An Indian worker is perhaps looking at a system without ruthless management practices and inhuman work pressure even if the job security is a little less. Instead of the system (specially in PSU’s) giving them near 100% job security, it could give them some fear of job security, since Indians culturally like to take life easy and tend to become complacent in such situations. While, the job security aspect could be reduced the human touch in managing them could be increased. They should be made to feel that the company cares for them through regular training programmes, family welfare schemes etc. They should be made to feel that they matter in the organisation through programmes which involve them directly or indirectly into various decision making processes. This would increase their level of commitment for the organsiations and perhaps tomorrow we would also see people telling that “I am a Bajaj man” instead of “I am working for Bajaj scooters”. In one of my workshops Sr. Manager - Corporate Planning of NTPC, P. Purukayastha could not agree more and cited two beautiful examples. The first related to NTPC spending upto Rs. 5 crore on the medical expenses in US for one of its drivers and his wife who were affected byincurable diseases. This incident of humanity has been a motivating factor for all employees for years. The second related to his own experience where he made flexi timing for one of his workers whose wife was ill. This not only removed the troubled look from his face but made him one of the most motivated workers who was always ready to give more than 100% to his job once his wife became alright. These two incidents can explain how human touch can do wonders on an average Indian psyche. I would even go up to the extent of suggesting that professional studies could be made a part of on the job training like in Japan and not that people first get trained and then wander around for jobs like in the US. It has to be kept in mind that the Japanese without a single business school of repute have produced some of the most successful corporations in the last 50 years, while with so many reputed management schools the US has not been able to stop the entry of one after another of the Japanese organisations into the Fortune 500 list. Again out here I might add that Mr. Purakayastha himself went through a training programme after which the company, based upon the results of the test, decided to shift him from industrial relations to corporate planning which has been one of the most motivating aspects of his job.The idea that I want to suggest is that it is high time Indian companies thought sincerely about their people and developed “Indian - people friendly management” practices. They might have some American touch or some Japanese touch but the thought essentially has to be given on what will suit the Indians. The sad part is that successful Indian managers who have developed indigenous styles of management don’t end up theoretising their styles and propagating them through books or articles. In the US almost every semi-successful manager ends up writing a book and thus, today one does know how IBM is managed, but one doesn’t know about how an Indian corporation like, may be, the Reliance Group is managed. So, when it comes to learning management the only option is to refer to foreign books and learn foreign management styles.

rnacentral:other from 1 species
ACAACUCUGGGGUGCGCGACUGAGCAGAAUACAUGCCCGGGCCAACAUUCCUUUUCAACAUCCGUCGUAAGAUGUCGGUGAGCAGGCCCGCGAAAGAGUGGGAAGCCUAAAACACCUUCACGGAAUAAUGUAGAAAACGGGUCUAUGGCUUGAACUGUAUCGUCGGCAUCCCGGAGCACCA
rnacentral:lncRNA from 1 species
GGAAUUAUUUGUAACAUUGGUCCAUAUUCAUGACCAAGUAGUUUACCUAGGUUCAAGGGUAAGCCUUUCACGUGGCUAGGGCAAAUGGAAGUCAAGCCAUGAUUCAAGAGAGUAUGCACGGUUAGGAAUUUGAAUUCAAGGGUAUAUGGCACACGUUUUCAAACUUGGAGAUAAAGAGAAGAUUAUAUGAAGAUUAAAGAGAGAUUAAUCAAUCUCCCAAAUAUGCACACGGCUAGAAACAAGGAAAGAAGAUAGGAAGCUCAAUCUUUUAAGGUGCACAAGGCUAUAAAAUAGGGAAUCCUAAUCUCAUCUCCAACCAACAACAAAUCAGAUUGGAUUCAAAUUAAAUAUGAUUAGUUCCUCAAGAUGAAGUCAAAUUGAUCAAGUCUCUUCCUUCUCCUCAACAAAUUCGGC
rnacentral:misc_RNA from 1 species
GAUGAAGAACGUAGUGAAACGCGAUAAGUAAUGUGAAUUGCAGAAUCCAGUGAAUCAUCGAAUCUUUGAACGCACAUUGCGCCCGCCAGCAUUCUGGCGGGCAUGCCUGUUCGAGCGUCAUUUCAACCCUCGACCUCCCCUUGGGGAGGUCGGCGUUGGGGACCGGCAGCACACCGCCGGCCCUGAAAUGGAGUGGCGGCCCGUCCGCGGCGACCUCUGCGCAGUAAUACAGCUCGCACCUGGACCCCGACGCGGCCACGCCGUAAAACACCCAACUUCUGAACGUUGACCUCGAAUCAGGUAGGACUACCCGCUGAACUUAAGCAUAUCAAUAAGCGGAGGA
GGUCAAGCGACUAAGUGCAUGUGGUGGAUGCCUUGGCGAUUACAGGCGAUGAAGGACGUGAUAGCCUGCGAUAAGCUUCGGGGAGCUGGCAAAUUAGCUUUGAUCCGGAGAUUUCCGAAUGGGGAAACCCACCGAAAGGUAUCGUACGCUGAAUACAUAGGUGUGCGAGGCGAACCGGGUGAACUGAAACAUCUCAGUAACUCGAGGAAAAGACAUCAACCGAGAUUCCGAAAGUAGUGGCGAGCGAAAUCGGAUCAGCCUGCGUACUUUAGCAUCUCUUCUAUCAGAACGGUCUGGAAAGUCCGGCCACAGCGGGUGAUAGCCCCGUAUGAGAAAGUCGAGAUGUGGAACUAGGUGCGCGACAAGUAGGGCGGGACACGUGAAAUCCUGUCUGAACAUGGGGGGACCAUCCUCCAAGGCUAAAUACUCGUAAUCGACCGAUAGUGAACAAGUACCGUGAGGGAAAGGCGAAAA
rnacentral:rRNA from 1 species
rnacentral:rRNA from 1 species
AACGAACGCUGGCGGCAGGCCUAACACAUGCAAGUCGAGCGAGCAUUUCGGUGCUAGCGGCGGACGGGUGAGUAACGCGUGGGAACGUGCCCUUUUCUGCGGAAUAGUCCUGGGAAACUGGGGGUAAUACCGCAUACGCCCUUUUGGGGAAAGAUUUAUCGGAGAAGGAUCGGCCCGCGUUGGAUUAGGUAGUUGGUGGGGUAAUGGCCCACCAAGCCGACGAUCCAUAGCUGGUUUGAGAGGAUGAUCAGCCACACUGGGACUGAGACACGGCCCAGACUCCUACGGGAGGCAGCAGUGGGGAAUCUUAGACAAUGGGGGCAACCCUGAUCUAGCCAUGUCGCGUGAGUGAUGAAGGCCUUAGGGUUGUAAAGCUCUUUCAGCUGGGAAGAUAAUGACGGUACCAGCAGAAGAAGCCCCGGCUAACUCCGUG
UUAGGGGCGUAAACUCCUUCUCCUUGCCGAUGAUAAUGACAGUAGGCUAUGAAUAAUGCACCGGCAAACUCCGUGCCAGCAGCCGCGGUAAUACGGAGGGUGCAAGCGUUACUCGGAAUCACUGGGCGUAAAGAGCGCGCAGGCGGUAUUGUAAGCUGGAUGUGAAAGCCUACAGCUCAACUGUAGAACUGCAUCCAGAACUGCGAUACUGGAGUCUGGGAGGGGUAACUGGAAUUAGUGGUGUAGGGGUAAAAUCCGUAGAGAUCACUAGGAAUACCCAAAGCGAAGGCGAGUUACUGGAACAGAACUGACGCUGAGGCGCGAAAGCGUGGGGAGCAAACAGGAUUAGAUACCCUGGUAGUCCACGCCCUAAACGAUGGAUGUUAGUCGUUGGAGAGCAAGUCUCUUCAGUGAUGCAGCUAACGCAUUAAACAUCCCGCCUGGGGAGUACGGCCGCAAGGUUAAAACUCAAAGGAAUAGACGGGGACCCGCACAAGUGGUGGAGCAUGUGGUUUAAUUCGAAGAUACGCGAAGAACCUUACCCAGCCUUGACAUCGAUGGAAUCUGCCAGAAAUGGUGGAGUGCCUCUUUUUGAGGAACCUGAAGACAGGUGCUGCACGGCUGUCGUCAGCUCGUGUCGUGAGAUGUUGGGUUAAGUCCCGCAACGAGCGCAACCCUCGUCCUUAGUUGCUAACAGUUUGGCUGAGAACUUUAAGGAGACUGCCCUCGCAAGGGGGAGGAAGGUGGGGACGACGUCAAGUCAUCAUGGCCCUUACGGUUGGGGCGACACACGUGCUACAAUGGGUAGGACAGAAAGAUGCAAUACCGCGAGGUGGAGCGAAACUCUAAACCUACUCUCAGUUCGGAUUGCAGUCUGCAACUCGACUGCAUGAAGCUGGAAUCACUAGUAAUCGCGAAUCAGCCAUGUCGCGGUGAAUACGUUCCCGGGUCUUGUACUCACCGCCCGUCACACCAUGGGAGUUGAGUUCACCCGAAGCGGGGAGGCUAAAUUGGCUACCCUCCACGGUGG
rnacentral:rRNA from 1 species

Principles of “Theory ‘i’ Management”
Most Indians value bonds emotions and long term relationships.
Most Indians value growth opportunities and commitment.
Our cultural roots (of tolerance etc.) often make us complacent.
Lack of patriotism at a macro level leaves us aimless.
The key factors for the success of “Theory ‘i’ Management”
# # #
Planman Consulting since its inception in 1996 has evolved into India's largest multi interest consulting company. Planman Consulting which was founded by Management Guru Arindham Chaudhari in 1996 in a very short span of time and has redefined the consulting business in India.